Godin also advises not to quit at the first sign of trouble. If your journey is worth travelling, then quitting at the first setback or challenge only wastes the time you’ll spend getting back to where you were when you quit. The cataract and refractive surgeons that achieve “best in the world” status with their practices get through “the Dip”.

Carol Tavris and Elliot Aronson, in their book “Mistakes Were Made (But Not By Me): Why We Justify Foolish Beliefs, Bad Decisions and Hurtful Acts”, put forth a special rule of thumb when predicting the likely endurability of any relationship. They say that the ideal ratio of positive to negative interactions or outcomes should be 5:1. Any less than that, and you may be settling. Any more than that, and you’re likely in a relationship that you can empathetically recommend to your closest friends and colleagues.

About the author

Rod Solar
Founder & Fractional CMO

Rod co-founded LiveseySolar and acts as a Fractional CMO for our customers. He’s on a mission to help transform the lives of 10,000 people through vision correction surgery by 2024. To achieve that, he inspires his customers to make confident decisions that will help 50,000 people take the first step towards vision correction.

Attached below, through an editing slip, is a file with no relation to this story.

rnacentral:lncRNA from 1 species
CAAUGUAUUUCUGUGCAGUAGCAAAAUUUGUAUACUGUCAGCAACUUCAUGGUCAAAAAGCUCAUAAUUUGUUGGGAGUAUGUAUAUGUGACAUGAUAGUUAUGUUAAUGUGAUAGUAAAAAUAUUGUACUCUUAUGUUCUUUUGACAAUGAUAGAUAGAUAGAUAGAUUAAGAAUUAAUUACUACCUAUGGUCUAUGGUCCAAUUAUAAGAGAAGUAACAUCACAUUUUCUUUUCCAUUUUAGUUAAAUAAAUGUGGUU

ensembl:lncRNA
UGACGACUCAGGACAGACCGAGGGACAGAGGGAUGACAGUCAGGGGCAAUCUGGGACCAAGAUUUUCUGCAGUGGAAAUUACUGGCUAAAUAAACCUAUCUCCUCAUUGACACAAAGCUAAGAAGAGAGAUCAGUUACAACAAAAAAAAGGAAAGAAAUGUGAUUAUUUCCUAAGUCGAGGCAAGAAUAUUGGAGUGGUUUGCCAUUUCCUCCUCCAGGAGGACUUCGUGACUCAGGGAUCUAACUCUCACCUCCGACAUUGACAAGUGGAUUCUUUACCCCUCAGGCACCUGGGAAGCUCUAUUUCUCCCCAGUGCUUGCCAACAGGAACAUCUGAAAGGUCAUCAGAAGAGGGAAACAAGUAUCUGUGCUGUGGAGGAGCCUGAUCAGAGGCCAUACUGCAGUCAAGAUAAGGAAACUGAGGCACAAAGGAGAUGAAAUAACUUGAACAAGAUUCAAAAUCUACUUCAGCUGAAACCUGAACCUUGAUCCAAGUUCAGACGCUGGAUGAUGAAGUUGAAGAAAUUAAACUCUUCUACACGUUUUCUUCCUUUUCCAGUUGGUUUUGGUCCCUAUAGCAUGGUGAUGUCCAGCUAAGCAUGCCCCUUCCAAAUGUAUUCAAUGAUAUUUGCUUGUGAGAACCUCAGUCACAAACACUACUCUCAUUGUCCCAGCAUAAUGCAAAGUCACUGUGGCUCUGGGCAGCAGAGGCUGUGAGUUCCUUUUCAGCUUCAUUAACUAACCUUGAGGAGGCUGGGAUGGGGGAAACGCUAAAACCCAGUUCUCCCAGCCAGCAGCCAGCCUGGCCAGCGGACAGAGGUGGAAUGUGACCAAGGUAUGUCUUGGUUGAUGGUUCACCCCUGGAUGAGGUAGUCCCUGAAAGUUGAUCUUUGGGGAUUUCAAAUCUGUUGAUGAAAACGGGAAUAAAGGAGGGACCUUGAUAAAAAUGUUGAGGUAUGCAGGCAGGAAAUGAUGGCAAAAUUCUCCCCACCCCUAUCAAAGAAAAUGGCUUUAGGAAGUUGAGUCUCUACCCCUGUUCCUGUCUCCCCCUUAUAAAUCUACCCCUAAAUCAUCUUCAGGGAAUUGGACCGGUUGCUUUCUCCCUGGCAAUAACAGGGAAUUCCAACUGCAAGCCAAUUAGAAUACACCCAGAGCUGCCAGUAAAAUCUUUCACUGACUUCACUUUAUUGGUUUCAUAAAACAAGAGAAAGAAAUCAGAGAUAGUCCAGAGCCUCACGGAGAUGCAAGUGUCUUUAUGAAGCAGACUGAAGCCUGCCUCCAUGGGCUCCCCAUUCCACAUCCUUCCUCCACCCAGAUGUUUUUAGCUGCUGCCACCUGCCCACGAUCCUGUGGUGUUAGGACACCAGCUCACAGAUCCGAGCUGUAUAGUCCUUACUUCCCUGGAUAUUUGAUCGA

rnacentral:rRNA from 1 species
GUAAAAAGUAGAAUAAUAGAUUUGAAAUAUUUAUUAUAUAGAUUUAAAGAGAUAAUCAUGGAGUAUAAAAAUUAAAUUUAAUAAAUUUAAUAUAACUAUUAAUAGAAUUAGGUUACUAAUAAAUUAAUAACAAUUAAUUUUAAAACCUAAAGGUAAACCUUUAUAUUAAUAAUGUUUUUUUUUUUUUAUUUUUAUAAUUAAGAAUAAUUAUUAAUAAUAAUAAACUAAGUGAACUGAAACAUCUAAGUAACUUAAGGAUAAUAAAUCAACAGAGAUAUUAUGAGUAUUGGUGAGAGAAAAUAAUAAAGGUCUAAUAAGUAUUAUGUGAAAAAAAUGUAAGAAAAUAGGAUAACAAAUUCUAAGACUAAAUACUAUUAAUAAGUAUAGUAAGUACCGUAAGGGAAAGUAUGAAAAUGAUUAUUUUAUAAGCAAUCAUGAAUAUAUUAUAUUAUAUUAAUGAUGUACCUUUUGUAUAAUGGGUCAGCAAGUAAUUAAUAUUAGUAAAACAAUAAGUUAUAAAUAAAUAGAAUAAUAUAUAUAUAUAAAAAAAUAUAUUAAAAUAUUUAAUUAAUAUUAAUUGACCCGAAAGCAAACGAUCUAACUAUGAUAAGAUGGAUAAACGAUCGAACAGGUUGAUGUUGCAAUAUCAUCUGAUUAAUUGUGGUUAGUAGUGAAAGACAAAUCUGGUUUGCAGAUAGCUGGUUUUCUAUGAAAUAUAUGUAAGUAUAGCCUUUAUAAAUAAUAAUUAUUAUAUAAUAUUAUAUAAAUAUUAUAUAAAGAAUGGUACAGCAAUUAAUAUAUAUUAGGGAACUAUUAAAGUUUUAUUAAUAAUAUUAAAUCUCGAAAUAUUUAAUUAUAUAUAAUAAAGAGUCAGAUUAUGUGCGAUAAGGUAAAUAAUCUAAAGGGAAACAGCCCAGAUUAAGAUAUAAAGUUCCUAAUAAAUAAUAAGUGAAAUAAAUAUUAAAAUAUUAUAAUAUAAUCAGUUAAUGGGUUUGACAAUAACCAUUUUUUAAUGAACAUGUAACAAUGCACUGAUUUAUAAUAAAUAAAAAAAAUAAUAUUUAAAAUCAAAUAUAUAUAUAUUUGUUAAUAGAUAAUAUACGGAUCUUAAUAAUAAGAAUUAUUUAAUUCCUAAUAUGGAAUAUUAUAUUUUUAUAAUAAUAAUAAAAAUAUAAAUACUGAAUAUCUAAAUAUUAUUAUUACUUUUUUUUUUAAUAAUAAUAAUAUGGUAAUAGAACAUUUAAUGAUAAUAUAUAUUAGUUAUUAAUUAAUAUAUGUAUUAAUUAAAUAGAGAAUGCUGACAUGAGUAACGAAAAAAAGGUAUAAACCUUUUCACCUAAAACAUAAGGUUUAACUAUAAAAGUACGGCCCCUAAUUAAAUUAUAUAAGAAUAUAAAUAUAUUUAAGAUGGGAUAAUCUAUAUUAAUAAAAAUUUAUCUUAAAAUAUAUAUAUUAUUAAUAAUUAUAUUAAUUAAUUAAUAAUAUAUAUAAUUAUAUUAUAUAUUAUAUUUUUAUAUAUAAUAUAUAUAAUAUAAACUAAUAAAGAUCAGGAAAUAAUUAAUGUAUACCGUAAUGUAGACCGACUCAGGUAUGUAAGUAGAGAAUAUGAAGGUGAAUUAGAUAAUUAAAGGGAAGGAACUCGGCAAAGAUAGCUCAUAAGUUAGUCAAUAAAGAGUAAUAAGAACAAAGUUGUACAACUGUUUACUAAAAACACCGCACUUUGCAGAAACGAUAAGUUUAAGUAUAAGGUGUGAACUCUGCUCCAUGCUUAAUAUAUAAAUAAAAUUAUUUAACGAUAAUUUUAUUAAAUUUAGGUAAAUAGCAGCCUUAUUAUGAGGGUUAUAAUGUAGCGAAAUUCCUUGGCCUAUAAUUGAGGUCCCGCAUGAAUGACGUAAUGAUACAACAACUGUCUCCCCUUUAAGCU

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What our clients say…

“In a matter of weeks, we already saw results with LiveseySolar. Far before we were even finished with our project.”

Erik Chotiner, MD, FACS, Ophthalmologist

“The whole group has been very, very professional. We’re quite early in the stages, but we can see the benefits.”

Dr Nick Mantell , MBChB FRANZCO

“They’re very professional. They know what they’re doing, but they also put us at ease. This helped us to cut through what’s needed to get what we want.”

Mr Praveen Patel, MA (Cantab), MB BChir (Cantab), FRCOphth, MD (Res)

“It’s wonderful to work with an agency that engages on our level and understands our market.”